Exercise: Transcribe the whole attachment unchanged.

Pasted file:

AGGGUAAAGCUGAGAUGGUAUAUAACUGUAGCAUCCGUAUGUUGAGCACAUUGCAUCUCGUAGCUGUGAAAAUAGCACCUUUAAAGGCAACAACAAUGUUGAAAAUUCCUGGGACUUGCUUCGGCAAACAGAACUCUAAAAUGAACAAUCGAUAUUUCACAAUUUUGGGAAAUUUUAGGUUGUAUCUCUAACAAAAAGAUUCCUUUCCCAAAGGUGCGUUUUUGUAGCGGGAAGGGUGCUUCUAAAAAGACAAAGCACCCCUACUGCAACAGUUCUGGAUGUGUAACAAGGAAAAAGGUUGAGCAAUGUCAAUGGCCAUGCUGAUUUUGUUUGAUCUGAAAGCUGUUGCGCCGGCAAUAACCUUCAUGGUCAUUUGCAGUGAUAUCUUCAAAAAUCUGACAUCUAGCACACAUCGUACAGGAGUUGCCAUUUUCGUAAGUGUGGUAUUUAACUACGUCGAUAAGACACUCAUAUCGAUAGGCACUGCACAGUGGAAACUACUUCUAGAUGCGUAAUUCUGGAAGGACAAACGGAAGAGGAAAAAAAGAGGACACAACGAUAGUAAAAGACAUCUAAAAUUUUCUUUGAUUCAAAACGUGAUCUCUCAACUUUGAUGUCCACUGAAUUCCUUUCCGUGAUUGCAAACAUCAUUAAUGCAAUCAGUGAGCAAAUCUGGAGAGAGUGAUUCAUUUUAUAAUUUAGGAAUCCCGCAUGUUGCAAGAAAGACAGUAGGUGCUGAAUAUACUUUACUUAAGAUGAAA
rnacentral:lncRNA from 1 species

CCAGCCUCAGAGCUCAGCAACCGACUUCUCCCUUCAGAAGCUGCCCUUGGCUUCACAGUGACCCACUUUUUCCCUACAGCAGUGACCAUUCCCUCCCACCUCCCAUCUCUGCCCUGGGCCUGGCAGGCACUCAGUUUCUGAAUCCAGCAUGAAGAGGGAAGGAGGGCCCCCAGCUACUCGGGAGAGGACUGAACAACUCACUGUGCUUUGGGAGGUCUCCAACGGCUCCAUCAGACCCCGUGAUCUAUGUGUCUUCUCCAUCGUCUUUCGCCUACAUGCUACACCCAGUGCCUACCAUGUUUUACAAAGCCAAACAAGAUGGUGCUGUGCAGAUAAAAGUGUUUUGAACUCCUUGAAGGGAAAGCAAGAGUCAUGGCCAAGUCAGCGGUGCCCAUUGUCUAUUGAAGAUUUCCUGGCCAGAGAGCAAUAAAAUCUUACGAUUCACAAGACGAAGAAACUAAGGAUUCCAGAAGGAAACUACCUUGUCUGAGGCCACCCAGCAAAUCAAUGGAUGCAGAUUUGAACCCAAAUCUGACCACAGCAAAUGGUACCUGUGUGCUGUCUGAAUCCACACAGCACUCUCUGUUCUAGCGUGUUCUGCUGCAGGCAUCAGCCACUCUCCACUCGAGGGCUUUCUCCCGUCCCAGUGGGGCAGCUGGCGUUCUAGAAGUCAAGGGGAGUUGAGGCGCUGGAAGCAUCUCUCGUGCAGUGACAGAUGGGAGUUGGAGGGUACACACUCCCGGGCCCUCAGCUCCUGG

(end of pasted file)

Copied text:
AGGGUAAAGCUGAGAUGGUAUAUAACUGUAGCAUCCGUAUGUUGAGCACAUUGCAUCUCGUAGCUGUGAAAAUAGCACCUUUAAAGGCAACAACAAUGUUGAAAAUUCCUGGGACUUGCUUCGGCAAACAGAACUCUAAAAUGAACAAUCGAUAUUUCACAAUUUUGGGAAAUUUUAGGUUGUAUCUCUAACAAAAAGAUUCCUUUCCCAAAGGUGCGUUUUUGUAGCGGGAAGGGUGCUUCUAAAAAGACAAAGCACCCCUACUGCAACAGUUCUGGAUGUGUAACAAGGAAAAAGGUUGAGCAAUGUCAAUGGCCAUGCUGAUUUUGUUUGAUCUGAAAGCUGUUGCGCCGGCAAUAACCUUCAUGGUCAUUUGCAGUGAUAUCUUCAAAAAUCUGACAUCUAGCACACAUCGUACAGGAGUUGCCAUUUUCGUAAGUGUGGUAUUUAACUACGUCGAUAAGACACUCAUAUCGAUAGGCACUGCACAGUGGAAACUACUUCUAGAUGCGUAAUUCUGGAAGGACAAACGGAAGAGGAAAAAAAGAGGACACAACGAUAGUAAAAGACAUCUAAAAUUUUCUUUGAUUCAAAACGUGAUCUCUCAACUUUGAUGUCCACUGAAUUCCUUUCCGUGAUUGCAAACAUCAUUAAUGCAAUCAGUGAGCAAAUCUGGAGAGAGUGAUUCAUUUUAUAAUUUAGGAAUCCCGCAUGUUGCAAGAAAGACAGUAGGUGCUGAAUAUACUUUACUUAAGAUGAAA
rnacentral:lncRNA from 1 species

CCAGCCUCAGAGCUCAGCAACCGACUUCUCCCUUCAGAAGCUGCCCUUGGCUUCACAGUGACCCACUUUUUCCCUACAGCAGUGACCAUUCCCUCCCACCUCCCAUCUCUGCCCUGGGCCUGGCAGGCACUCAGUUUCUGAAUCCAGCAUGAAGAGGGAAGGAGGGCCCCCAGCUACUCGGGAGAGGACUGAACAACUCACUGUGCUUUGGGAGGUCUCCAACGGCUCCAUCAGACCCCGUGAUCUAUGUGUCUUCUCCAUCGUCUUUCGCCUACAUGCUACACCCAGUGCCUACCAUGUUUUACAAAGCCAAACAAGAUGGUGCUGUGCAGAUAAAAGUGUUUUGAACUCCUUGAAGGGAAAGCAAGAGUCAUGGCCAAGUCAGCGGUGCCCAUUGUCUAUUGAAGAUUUCCUGGCCAGAGAGCAAUAAAAUCUUACGAUUCACAAGACGAAGAAACUAAGGAUUCCAGAAGGAAACUACCUUGUCUGAGGCCACCCAGCAAAUCAAUGGAUGCAGAUUUGAACCCAAAUCUGACCACAGCAAAUGGUACCUGUGUGCUGUCUGAAUCCACACAGCACUCUCUGUUCUAGCGUGUUCUGCUGCAGGCAUCAGCCACUCUCCACUCGAGGGCUUUCUCCCGUCCCAGUGGGGCAGCUGGCGUUCUAGAAGUCAAGGGGAGUUGAGGCGCUGGAAGCAUCUCUCGUGCAGUGACAGAUGGGAGUUGGAGGGUACACACUCCCGGGCCCUCAGCUCCUGG